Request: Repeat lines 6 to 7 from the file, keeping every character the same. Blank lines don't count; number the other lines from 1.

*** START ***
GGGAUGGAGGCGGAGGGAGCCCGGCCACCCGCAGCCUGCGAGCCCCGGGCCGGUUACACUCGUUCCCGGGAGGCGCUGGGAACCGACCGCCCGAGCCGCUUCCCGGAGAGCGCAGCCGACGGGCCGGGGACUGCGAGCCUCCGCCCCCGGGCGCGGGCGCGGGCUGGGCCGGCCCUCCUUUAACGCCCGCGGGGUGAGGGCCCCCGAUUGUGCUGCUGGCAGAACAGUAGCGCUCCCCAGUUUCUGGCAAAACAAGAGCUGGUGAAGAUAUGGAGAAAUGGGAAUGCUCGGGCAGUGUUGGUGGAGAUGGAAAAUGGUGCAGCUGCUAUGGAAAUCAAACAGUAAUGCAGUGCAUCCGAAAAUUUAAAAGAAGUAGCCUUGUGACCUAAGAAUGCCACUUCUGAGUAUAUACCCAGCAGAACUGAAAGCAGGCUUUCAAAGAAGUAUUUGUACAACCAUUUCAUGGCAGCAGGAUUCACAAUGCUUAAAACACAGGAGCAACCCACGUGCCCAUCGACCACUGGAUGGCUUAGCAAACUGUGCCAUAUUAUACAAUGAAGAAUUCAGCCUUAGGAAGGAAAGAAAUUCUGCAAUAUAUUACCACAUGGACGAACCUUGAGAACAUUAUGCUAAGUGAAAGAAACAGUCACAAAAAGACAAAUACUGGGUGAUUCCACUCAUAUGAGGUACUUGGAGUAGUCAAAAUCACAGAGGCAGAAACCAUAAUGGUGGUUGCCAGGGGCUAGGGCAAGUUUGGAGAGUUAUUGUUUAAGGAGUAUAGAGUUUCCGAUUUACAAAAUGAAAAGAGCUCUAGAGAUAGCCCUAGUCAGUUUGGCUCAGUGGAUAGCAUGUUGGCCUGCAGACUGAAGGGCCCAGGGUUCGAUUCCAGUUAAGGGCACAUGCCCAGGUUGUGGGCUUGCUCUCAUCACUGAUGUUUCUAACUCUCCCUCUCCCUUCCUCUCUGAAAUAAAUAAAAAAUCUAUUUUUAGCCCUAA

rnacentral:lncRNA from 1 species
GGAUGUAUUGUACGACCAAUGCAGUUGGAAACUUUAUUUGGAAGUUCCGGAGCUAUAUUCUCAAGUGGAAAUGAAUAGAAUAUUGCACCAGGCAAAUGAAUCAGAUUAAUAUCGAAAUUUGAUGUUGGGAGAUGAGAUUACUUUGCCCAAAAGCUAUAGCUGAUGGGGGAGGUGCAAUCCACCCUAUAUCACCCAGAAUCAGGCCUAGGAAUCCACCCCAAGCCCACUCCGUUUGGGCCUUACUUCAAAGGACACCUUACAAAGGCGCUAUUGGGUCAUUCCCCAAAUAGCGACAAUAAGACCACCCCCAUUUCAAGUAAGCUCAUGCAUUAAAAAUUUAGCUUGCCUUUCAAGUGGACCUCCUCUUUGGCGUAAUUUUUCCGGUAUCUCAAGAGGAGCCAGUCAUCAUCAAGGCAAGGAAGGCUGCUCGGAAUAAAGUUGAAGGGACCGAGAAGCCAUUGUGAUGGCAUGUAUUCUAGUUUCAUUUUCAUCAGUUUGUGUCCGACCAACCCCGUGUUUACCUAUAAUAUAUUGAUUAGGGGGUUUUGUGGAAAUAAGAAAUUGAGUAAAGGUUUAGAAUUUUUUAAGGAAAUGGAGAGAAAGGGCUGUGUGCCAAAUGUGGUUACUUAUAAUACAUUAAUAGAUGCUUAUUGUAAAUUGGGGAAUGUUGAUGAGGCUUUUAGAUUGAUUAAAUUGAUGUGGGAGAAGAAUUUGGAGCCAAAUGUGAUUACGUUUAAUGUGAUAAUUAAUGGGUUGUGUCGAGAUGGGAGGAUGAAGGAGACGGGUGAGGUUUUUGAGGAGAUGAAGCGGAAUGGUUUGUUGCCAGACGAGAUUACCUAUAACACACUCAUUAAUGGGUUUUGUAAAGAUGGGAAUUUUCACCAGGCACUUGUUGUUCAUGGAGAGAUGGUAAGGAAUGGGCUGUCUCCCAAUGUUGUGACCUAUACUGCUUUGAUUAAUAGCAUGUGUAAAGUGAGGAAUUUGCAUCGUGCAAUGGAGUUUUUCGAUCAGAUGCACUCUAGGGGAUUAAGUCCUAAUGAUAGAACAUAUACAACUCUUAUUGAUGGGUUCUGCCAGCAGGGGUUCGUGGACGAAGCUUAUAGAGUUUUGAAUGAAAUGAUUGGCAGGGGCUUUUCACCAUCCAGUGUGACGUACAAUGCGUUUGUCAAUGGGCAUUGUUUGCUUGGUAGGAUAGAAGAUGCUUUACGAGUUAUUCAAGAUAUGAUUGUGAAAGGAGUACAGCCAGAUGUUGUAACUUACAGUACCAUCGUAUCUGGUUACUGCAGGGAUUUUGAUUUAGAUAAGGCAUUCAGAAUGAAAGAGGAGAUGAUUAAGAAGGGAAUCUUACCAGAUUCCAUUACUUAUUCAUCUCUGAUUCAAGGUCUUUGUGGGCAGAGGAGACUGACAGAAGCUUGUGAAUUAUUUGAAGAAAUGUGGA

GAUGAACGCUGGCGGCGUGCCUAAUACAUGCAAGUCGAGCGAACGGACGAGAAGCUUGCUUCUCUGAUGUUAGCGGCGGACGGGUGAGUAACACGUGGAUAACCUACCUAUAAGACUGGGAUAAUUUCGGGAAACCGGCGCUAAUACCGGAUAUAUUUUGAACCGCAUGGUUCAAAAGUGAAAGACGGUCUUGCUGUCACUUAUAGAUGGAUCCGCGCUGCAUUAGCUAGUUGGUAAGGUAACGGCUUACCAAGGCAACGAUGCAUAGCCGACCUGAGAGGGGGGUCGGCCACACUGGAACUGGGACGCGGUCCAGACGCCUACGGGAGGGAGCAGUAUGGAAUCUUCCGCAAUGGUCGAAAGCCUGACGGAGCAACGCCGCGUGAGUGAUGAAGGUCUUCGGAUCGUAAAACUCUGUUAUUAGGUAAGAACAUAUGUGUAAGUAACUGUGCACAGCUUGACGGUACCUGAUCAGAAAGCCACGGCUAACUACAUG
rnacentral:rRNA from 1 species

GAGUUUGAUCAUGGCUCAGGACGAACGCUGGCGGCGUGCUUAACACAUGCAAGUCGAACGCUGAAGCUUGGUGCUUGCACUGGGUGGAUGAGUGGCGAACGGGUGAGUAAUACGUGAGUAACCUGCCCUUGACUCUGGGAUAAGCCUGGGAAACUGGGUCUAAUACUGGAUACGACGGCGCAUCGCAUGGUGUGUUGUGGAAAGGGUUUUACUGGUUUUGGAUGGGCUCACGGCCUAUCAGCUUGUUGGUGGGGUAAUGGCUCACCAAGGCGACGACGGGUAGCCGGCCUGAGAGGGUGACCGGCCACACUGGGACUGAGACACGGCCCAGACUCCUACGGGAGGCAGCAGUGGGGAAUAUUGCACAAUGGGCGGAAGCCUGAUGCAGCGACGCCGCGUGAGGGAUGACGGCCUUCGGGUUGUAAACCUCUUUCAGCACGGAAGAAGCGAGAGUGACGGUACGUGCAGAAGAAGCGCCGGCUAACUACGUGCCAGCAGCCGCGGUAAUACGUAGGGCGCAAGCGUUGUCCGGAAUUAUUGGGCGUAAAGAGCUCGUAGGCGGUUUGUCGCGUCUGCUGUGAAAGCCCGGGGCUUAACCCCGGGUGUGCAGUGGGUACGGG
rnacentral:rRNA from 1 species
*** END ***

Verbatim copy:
GAGUUUGAUCAUGGCUCAGGACGAACGCUGGCGGCGUGCUUAACACAUGCAAGUCGAACGCUGAAGCUUGGUGCUUGCACUGGGUGGAUGAGUGGCGAACGGGUGAGUAAUACGUGAGUAACCUGCCCUUGACUCUGGGAUAAGCCUGGGAAACUGGGUCUAAUACUGGAUACGACGGCGCAUCGCAUGGUGUGUUGUGGAAAGGGUUUUACUGGUUUUGGAUGGGCUCACGGCCUAUCAGCUUGUUGGUGGGGUAAUGGCUCACCAAGGCGACGACGGGUAGCCGGCCUGAGAGGGUGACCGGCCACACUGGGACUGAGACACGGCCCAGACUCCUACGGGAGGCAGCAGUGGGGAAUAUUGCACAAUGGGCGGAAGCCUGAUGCAGCGACGCCGCGUGAGGGAUGACGGCCUUCGGGUUGUAAACCUCUUUCAGCACGGAAGAAGCGAGAGUGACGGUACGUGCAGAAGAAGCGCCGGCUAACUACGUGCCAGCAGCCGCGGUAAUACGUAGGGCGCAAGCGUUGUCCGGAAUUAUUGGGCGUAAAGAGCUCGUAGGCGGUUUGUCGCGUCUGCUGUGAAAGCCCGGGGCUUAACCCCGGGUGUGCAGUGGGUACGGG
rnacentral:rRNA from 1 species